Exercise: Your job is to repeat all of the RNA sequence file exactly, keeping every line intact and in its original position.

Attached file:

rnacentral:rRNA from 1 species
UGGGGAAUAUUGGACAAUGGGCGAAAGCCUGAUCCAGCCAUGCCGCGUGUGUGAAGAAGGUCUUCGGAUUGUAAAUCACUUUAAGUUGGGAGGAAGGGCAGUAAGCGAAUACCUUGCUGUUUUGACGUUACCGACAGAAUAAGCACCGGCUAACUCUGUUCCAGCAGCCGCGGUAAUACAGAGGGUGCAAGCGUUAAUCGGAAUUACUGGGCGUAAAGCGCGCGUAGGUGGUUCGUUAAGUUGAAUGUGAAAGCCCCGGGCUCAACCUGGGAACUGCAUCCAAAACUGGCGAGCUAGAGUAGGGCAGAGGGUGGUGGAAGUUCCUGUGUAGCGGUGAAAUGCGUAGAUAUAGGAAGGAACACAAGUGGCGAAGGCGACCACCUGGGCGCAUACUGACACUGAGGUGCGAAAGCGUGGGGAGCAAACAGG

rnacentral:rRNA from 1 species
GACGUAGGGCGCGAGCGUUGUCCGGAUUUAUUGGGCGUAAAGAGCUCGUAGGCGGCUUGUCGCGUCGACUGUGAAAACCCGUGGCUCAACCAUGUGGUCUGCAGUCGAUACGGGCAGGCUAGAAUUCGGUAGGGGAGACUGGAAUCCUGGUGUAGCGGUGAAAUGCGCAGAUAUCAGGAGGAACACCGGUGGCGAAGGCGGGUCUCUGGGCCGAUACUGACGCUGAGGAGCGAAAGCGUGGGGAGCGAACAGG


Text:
rnacentral:rRNA from 1 species
UGGGGAAUAUUGGACAAUGGGCGAAAGCCUGAUCCAGCCAUGCCGCGUGUGUGAAGAAGGUCUUCGGAUUGUAAAUCACUUUAAGUUGGGAGGAAGGGCAGUAAGCGAAUACCUUGCUGUUUUGACGUUACCGACAGAAUAAGCACCGGCUAACUCUGUUCCAGCAGCCGCGGUAAUACAGAGGGUGCAAGCGUUAAUCGGAAUUACUGGGCGUAAAGCGCGCGUAGGUGGUUCGUUAAGUUGAAUGUGAAAGCCCCGGGCUCAACCUGGGAACUGCAUCCAAAACUGGCGAGCUAGAGUAGGGCAGAGGGUGGUGGAAGUUCCUGUGUAGCGGUGAAAUGCGUAGAUAUAGGAAGGAACACAAGUGGCGAAGGCGACCACCUGGGCGCAUACUGACACUGAGGUGCGAAAGCGUGGGGAGCAAACAGG

rnacentral:rRNA from 1 species
GACGUAGGGCGCGAGCGUUGUCCGGAUUUAUUGGGCGUAAAGAGCUCGUAGGCGGCUUGUCGCGUCGACUGUGAAAACCCGUGGCUCAACCAUGUGGUCUGCAGUCGAUACGGGCAGGCUAGAAUUCGGUAGGGGAGACUGGAAUCCUGGUGUAGCGGUGAAAUGCGCAGAUAUCAGGAGGAACACCGGUGGCGAAGGCGGGUCUCUGGGCCGAUACUGACGCUGAGGAGCGAAAGCGUGGGGAGCGAACAGG